Story by Haelee Kim
Illustration by Alicia Zhang
Military recruiting tables are a ubiquitous sight on high school campuses across the country. Since the No Child Left Behind Act was passed in 2001, high schools are obligated to allow the military just as much access to campuses as regular colleges. This can have detrimental effects due to the pivotal differences between college education and enlistment, and later, potential deployment.
Military recruitment, overall, disproportionately targets low-income communities and schools. There have been recorded instances where recruiters showed up ten times more often at a less affluent school compared to its wealthier counterpart nearby. College might not seem like a viable option to these students, who can then fall prey to recruiters who often don’t share the full breadth of risks and caveats associated with military service. By glamorizing the military experience, recruiters can then easily ensnare low-income students who could have otherwise been college-bound.
Public health experts and pediatric researches emphasize that brains are still developing during late adolescence (around ages 17 to 24), the prime demographic for recruiters. This ongoing maturation may impede rationality, which will follow them into military service: the youngest soldiers always exhibit increased chances and higher numbers of mental disorders and suicides. This whole situation is hypocritical; the government will allow children to kill before they are allowed to drink or smoke.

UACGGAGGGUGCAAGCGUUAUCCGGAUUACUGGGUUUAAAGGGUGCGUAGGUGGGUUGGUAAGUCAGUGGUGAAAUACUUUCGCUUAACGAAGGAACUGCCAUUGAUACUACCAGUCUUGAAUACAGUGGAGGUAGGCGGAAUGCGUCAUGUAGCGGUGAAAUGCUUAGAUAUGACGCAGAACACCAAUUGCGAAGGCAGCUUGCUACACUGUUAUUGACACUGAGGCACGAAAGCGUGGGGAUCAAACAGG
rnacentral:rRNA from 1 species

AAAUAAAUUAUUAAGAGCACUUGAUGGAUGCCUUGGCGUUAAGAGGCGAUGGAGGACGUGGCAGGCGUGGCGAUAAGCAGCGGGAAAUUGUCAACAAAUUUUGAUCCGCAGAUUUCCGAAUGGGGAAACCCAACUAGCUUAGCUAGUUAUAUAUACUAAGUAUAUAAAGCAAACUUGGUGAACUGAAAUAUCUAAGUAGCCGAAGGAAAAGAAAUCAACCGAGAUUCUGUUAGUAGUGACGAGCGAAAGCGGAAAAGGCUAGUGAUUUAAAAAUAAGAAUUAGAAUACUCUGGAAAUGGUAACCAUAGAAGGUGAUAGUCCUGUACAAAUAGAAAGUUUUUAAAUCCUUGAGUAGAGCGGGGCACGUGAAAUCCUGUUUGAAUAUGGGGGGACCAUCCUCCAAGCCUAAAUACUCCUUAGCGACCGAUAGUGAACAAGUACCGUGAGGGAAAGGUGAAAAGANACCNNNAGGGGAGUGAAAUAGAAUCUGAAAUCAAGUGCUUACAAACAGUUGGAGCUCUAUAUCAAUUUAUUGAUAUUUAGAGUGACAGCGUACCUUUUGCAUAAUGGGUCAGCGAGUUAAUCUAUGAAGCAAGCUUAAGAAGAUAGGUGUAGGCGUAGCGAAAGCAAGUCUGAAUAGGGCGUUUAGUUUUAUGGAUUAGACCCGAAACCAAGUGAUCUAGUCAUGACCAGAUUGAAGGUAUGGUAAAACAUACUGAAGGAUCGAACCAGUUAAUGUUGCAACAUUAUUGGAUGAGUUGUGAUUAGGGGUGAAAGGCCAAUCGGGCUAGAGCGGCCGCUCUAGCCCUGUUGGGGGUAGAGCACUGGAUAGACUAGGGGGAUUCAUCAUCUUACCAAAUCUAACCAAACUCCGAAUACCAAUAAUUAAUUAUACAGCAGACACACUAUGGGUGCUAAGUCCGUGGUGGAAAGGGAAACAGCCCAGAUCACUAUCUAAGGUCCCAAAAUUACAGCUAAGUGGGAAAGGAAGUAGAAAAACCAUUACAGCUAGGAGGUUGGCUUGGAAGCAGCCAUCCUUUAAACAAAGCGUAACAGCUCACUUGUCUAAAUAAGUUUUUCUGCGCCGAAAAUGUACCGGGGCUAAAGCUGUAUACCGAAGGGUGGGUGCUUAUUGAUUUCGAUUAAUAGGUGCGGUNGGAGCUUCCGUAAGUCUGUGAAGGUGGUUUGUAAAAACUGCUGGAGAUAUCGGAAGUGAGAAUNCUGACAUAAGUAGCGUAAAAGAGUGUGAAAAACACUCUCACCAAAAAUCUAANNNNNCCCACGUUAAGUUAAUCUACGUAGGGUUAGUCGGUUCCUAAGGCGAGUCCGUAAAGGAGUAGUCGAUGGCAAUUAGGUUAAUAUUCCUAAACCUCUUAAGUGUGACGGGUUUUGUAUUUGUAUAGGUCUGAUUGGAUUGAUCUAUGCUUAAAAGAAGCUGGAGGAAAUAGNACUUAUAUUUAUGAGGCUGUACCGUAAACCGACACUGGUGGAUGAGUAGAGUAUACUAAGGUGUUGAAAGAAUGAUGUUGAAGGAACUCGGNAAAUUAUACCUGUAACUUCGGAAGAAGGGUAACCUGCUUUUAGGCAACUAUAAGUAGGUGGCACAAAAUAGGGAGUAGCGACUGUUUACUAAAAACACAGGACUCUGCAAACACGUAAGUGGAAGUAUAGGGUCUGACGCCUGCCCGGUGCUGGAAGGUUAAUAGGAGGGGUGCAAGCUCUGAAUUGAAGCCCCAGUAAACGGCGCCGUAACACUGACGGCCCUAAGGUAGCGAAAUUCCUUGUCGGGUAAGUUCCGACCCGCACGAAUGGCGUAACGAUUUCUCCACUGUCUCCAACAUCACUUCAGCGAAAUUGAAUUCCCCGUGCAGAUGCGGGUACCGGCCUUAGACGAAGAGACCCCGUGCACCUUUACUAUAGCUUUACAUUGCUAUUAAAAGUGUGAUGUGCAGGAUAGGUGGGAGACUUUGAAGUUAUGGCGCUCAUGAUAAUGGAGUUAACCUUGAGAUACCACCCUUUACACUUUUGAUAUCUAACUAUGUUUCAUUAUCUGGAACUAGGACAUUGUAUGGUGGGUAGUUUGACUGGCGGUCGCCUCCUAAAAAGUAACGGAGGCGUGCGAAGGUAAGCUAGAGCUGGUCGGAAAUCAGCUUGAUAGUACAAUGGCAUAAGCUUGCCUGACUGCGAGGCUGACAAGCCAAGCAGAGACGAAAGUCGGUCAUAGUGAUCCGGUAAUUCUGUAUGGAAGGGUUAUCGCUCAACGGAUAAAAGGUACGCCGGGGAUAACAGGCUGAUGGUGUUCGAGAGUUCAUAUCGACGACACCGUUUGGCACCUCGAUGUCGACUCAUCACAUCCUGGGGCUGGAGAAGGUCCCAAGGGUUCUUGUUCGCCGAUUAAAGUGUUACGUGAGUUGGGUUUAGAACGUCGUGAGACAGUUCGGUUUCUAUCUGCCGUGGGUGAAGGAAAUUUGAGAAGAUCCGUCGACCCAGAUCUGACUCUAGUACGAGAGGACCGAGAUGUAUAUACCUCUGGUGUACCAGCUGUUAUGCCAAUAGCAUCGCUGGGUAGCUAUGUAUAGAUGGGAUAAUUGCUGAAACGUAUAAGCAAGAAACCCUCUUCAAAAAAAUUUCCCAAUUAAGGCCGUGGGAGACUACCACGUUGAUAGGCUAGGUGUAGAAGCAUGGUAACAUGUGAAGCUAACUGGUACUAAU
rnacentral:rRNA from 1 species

There are also numerous privacy issues linked with military recruitment. The aforementioned No Child Left Behind Act compels public schools to send student directory information — names, addresses, and telephone numbers — of those in 11th and 12th grades to recruiters. Parents can individually opt their children out, but another loophole exists through the Armed Services Vocational Aptitude Battery (ASVAB) exam, where no such opportunity exists. The Department of Defense reports that this test is optional, but there is countless evidence showing that it is mandatory in some school districts.
At SPHS, the culture around military recruitment is simply tied with the unassuming presence of the pull-up bar. Few look behind the booths with any serious intent because South Pasadena’s wealth guarantees that most are bound for college. However, this should not detract from the fact that military recruitment as a practice is harmful. The pull-up bar itself is a pretense by the recruiters, minimizing the gravity of recruitment for the sake of appearances.
Alternatives to enlistment, like ROTC scholarships and military academies, should be comprehensively highlighted to the student body. Counter recruiters can also be brought in, advocating for organizations like the AmeriCorps and Peace Corps that offer similar benefits to military service. Proactive measures to ensure that recruiters are regulated on campus, either through volunteer or counselor supervision, should also be followed. It is unlikely that military presence can be removed anytime soon, but in the meantime, schools have to take control in filling up the gaps left by recruiters and bringing in a variety of objective perspectives for military service.